800,000 children living with HIV not on treatment —UNAIDS

A new report released by the Joint United Nations Programme on HIV/AIDS has revealed that treatment coverage among children living with HIV is poor.

According to the report, globally, an estimated 800,000 children living with HIV did not receive treatment in 2021.

The report, titled; “In Danger,” launched by UNAIDS showed that children living with HIV are often being left behind. 

The UNAIDS report indicates that every day, 4.000 people—including 1,100 young people (aged 15 to 24 years)—become infected with HIV.

The report warns that if current trends continue, 1.2 million people will be newly infected with HIV in 2025, which is three times more than the 2025 target of 370,000 new infections.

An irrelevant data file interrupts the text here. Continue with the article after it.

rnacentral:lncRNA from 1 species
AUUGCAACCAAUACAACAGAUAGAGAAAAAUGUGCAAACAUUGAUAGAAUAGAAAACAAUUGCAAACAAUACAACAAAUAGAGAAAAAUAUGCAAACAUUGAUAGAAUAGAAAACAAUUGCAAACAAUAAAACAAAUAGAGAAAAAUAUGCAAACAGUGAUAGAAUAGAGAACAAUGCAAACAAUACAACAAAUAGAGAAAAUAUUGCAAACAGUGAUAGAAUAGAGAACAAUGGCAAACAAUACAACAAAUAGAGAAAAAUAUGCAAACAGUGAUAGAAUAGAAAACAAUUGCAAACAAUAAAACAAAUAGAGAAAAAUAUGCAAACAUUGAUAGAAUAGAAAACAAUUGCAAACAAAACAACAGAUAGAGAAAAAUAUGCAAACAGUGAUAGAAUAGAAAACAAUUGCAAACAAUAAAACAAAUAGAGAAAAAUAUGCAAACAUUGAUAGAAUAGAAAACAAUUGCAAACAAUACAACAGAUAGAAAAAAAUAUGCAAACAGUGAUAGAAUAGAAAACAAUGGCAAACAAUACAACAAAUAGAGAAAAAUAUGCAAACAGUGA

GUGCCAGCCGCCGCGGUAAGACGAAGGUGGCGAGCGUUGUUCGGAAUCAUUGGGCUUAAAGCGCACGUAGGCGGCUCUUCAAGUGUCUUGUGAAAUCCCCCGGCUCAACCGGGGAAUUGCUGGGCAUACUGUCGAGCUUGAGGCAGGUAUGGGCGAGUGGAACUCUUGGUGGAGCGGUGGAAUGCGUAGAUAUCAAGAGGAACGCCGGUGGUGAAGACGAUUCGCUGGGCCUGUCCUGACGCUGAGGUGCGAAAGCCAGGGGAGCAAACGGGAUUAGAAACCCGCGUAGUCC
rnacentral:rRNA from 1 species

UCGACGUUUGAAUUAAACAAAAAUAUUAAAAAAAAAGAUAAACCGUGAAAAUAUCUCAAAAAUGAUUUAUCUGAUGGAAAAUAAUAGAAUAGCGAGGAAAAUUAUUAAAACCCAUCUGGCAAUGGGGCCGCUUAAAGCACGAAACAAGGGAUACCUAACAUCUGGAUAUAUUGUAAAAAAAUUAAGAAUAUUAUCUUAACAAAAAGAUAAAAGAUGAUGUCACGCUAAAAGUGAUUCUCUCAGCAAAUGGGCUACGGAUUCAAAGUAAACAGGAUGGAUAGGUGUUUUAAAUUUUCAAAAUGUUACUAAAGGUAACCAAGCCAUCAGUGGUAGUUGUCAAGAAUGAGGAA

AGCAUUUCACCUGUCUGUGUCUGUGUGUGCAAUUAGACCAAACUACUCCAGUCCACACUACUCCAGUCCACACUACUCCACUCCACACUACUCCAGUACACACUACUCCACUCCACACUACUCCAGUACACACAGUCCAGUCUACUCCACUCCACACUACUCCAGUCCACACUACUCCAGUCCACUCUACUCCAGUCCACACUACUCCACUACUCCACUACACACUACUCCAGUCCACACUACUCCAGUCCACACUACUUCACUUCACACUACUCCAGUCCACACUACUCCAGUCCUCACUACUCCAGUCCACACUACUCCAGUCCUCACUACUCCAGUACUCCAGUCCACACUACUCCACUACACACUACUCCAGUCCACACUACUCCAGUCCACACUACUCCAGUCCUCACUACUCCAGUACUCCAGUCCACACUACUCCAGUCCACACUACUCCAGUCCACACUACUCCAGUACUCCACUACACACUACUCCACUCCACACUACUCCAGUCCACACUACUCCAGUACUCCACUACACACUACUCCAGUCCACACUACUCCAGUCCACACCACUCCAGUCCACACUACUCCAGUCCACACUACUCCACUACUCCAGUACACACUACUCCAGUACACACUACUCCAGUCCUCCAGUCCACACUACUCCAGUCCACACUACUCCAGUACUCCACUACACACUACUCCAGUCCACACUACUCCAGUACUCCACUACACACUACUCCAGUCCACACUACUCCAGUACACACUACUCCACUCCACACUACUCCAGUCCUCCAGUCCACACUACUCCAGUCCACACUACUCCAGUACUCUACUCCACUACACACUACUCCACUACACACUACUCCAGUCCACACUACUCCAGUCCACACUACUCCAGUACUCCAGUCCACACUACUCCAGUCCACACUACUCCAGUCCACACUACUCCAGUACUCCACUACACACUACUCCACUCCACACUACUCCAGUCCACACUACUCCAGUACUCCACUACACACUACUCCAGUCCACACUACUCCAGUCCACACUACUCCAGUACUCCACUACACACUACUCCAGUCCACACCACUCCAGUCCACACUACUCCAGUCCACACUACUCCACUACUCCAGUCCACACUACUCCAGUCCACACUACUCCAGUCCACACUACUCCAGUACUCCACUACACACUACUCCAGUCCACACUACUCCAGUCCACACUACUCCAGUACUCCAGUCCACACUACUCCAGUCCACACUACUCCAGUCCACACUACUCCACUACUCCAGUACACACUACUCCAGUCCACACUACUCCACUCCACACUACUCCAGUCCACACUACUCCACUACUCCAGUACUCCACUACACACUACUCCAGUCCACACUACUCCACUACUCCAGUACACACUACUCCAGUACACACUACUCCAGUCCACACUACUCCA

The report notes that progress against HIV had slowed down since the COVID-19 pandemic while lamenting that the human impact of the stalling progress on HIV is chilling.

It noted, “As HIV testing and treatment programmes expand, children living with HIV are often being left behind. In 2021, an estimated 800 000 (640, 000– 990, 000) children living with HIV were still not receiving HIV treatment. 

“Children comprised four percent of people living with HIV in 2021 but 15 percent of AIDS-related deaths, and the gap in HIV treatment coverage between children 

and adults is increasing rather than narrowing.”

The report also revealed that in 2021, 650,000 (500,000–860,000) people died of AIDS-related causes, amounting to one every minute. 

The UNAIDS report pointed out that without accelerated action to prevent people from reaching advanced HIV disease, AIDS-related causes will remain a leading cause of death in many countries. 

The report further said the continued rising new HIV infection in some regions could halt or even reverse progress made against AIDS-related deaths.

According to the report, HIV funds from bilateral donors other than the US have plummeted by 57 per cent over the last decade, adding that HIV investments have not replaced lost international funding, mainly due to worsening economic conditions.

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